I wish I hadn't destroyed so many manuscripts: Bijoya Sawian (

New Delhi, May 8 The perfectionist that she is, Bijoya Sawian wishes she had not destroyed so many manuscripts in the past and whose just-published "Shallow Men", set in her native Shillong - actually a novella and two short stories - has been nominated for the Rabindranath Tagore Literary Prize for 2002, instituted to honour the Nobel laureate for his outstanding contribution to Indian and international literature, as well as to the cultural, educational and humane ideas he pursued throughout his life.

"Writing is my passion and words and stories come easily to me. Now I wish I had not discarded so many manuscripts. I am very grateful to my school friend, Neena De who made sure that this one did not suffer the same fate. We used to write the best essays in school in Loreto Shillong," Sawian told IANS in an email interview.

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True to its title, "Shadow Men" (Speaking Tiger) begins on an ominous note.

"Ghostlike, the mist floated up from the gorge below, encircling the gardener's cottage and the trees, seeping languidly through the flowering shrubs. It climbed up the hedge of azaleas and gently made its way past the tall monsoon grass. It parted slightly and I noticed three figures climbing up the west-facing slope. Something about the way they moved caught my eye for it wasn't the easy, after-work saunter of household staff. They were quick and furtive yet clumsy, clearly unfamiliar with the terrain and the path that zigzagged through the plum and pear orchard

"The mist thickened, now rising quickly to form an impenetrable curtain And then suddenly it broke to expose three young men in the dimly-lit verandah of the gardener's cottage below. One of them had a gun. Rooted to the ground and cold with fright I watched his sinister silhouette."

The pace thus set, Raseel, the narrator, hears the sound of shots. As suddenly as it happened, the three men are gone - and there is silence.

Raseel, visiting her old school friend Aila in Shillong, is determined to get to the truth behind the strange death of a 'dkhar', an outsider, in the grounds of her hosts' house. Why was he killed? Who are the killers? As she begins to unravel the mystery, Raseel finds herself caught in a tale of intrigue and violence that mirrors the world of insurgency around her.

The tense and dramatic undercurrents that emerge in "Shadow Men" continue in the stories that follow. In "The Flight", 18-year-old Mawii has to make a difficult decision between her ‘own people' and her one true love - a ‘vai'or an ‘outsider'. In "The Limp", octogenarian Nipendro Roy finally feels he ‘belongs' in this hill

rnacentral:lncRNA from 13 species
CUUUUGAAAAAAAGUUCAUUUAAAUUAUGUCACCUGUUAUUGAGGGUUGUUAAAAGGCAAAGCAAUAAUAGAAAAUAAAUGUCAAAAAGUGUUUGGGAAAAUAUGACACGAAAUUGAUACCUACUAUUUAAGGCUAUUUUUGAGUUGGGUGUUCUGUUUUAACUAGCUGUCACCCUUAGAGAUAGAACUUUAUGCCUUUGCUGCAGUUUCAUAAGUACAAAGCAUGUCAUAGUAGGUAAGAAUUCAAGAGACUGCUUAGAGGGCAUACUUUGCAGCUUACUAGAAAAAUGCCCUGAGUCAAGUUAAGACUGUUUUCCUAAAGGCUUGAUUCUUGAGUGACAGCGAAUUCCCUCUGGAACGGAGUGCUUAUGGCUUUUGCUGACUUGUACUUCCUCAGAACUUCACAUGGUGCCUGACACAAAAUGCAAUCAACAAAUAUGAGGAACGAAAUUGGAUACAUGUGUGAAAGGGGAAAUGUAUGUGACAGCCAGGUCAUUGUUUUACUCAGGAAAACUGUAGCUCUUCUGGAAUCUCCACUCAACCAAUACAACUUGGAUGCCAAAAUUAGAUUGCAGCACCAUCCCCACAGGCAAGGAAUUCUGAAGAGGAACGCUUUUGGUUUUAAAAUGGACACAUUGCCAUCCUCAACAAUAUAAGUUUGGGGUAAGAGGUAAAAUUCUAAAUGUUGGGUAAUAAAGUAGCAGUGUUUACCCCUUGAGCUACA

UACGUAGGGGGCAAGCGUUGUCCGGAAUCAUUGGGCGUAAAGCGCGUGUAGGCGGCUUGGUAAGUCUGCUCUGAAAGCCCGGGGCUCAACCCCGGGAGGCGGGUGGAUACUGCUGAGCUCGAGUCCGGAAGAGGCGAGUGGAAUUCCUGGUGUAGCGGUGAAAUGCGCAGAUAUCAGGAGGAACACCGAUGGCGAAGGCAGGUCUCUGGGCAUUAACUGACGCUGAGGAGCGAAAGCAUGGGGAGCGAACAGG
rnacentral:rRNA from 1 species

state to which he came as a 20-year-old immigrant from Bengal.

The three stories, with Shillong as the central theme, came naturally to Sawian.

"I did not have to do any research except go back and forth in my mind and recollect incidents which I had experienced and read about people I had met during the time when insurgency was at its height in Meghalaya in the late 1970s.

"When I wrote this novel in 2001 it had dissipated and in that turbulent August night when I started the book that was part of the last burst of militancy so to speak," said Sawian, whose works essentially deal with the life and culture of the Khasi
community of northeast India.

"The Teachings of Elders", "Khasi Myths", "Legends and Folktales" and "About One God" are three of several books that she has translated from Khasi into English. Her original works in English include "A Family Secret and Other Stories".

Several institutes of repute, including the Sahitya Akademi and the Institute of Folklore Studies, Bhopal, have published her short stories and critical essays.

Sawian studied at Seng Khasi High School and Loreto Convent in Shillong, and did her Masters in English at Miranda House, Delhi, after graduating in English Literature from Lady Shri Ram College. She now divides her time between Shillong and Dehra Dun.

"I go to Shillong at least twice a year to see my family and also to keep up with my translations of indigenous Khasi culture and religion (from Khasi into English) - a top priority for me in spite for my love for fiction," she said.

Marriage to her university friend,Alark Singh brought her to Dehra Dun, "a place not so different to Shillong - not the Dehra Dun we live in at least. We are both educationist and run a senior secondary co-educational School affiliated to CBSE (The Annfield School). My in- laws are from Himachal and Nepal so the adjustments problems are almost nil! The ideal place to write too.

What of the future?

"I am working on my next novel and fairing out my short stories and, of course, translating ...the songs of Seng Khasi These songs were composed over 100 years ago when the indigenous Khasi religion (which my Shillong family practices) became an organized religion" Sawian concluded.